He pointed to the U.S. Supreme Court’s Hobby Lobby Ruling and the federal Religious Freedom Restoration Act (RFRA) as the basis of his decision. The RFRA states that the government cannot force any entity to violate their religious convictions unless they use the “least restrictive means” of furthering a “compelling government interest.”

“The Supreme Court has directed that it is not this Court’s role to decide whether those ‘religious beliefs are mistaken or insubstantial,’ Cox explained. “Instead, this Court’s ‘narrow function’ is to determine if this is ‘an honest conviction’ and, as in Hobby Lobby, there is no dispute that it is….”

“Significantly, neither transgender status nor gender identity are protected classes under Title VII,” he also concluded.

However, the Sixth Circuit Court of Appeals disagreed with Cox’s ruling and overturned the decision in March.

“Discrimination against employees, either because of their failure to conform to sex stereotypes or their transgender and transitioning status, is illegal under Title VII. The unrefuted facts show that the funeral home fired Stephens because [he] refused to abide by [his] employer’s stereotypical conception of [his] sex, and therefore the EEOC is entitled to summary judgment as to its unlawful-termination claim,” wrote Judge Karen Nelson Moore on behalf of the unanimous panel.

“[I]t is analytically impossible to fire an employee based on that employee’s status as a transgender person without being motivated, at least in part, by the employee’s sex,” she asserted. “[A]n employer cannot discriminate on the basis of transgender status without imposing its stereotypical notions of how sexual organs and gender identity ought to align. There is no way to disaggregate discrimination on the basis of transgender status from discrimination on the basis of gender non-conformity, and we see no reason to try.”

The panel also concluded that “simply permitting Stephens to wear attire that reflects a conception of gender that is at odds with Rost’s religious beliefs is not a substantial burden under RFRA.”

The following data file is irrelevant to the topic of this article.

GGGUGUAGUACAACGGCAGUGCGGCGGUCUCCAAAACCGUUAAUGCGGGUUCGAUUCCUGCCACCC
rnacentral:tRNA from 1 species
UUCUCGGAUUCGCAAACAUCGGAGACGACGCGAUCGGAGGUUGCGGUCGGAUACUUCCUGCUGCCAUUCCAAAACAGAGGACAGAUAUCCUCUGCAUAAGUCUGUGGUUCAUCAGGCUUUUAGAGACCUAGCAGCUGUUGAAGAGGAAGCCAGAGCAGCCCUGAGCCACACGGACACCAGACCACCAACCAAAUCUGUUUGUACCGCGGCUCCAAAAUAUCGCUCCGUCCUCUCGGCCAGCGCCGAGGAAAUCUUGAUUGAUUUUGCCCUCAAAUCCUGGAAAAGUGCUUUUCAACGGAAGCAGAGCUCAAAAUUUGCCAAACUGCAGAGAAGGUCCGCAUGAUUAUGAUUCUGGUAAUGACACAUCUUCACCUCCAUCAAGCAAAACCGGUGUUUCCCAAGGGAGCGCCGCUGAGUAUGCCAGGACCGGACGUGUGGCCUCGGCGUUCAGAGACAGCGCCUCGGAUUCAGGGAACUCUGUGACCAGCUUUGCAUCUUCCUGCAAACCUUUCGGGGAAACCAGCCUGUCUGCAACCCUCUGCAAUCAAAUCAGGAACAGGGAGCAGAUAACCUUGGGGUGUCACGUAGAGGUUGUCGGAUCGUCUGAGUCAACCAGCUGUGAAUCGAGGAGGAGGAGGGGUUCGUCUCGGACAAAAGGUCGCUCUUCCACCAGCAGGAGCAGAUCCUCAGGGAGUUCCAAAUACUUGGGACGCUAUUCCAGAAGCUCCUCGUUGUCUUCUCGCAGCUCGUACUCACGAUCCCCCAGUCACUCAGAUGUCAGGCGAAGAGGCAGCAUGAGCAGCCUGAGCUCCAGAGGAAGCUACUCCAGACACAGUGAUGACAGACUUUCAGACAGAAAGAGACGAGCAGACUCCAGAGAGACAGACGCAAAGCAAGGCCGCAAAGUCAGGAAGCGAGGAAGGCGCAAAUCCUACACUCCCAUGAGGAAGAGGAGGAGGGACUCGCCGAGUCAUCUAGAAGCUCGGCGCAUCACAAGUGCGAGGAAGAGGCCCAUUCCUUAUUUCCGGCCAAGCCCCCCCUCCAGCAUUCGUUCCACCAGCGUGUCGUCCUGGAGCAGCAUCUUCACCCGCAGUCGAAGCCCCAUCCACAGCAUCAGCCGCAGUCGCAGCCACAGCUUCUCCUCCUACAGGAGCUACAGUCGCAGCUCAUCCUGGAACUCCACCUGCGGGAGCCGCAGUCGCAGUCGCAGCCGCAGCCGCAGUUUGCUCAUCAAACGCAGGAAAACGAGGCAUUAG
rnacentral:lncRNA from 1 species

Rost has consequently asked the nation’s highest court to weigh in on the matter, contending that the Sixth Circuit ruling distorts Congress’ plain meaning of Title VII, as it was intended to prevent women from being treated differently than men in employment opportunities.

“[T]he Sixth Circuit’s decision undermines the primary purpose for banning discrimination based on sex—to ensure ‘equal opportunities’ for women,” the petition reads. “Employment reserved for women—like playing in the WNBA or working at a shelter for battered women … —now must be opened to males who identify as women. The same is true of sports and educational opportunities under Title IX.”

It also argues that, following the reasoning of the Sixth Circuit, a female employee could be fired if she did not physically present herself in as much of a feminine manner as Stephens.

“[E]mployers like Harris Homes must consider Stephens a woman because Stephens planned to conform to enough female stereotypes, but they could treat differently another employee who did not. Administering policies under that regime requires decision-making based on sex stereotypes. It will entrench rather than eradicate them,” the petition states.

Read it in full here.

“No court or federal agency has the authority to rewrite a federal statute. That power belongs solely to Congress,” said ADF Senior Counsel Jim Campbell in a statement. “Replacing ‘sex’ with ‘gender identity,’ as the Sixth Circuit and the EEOC have done, is a dramatic change. What it means to be male or female shifts from a biological reality based in anatomy and physiology to a subjective perception. Far-reaching consequences accompany such a transformation.”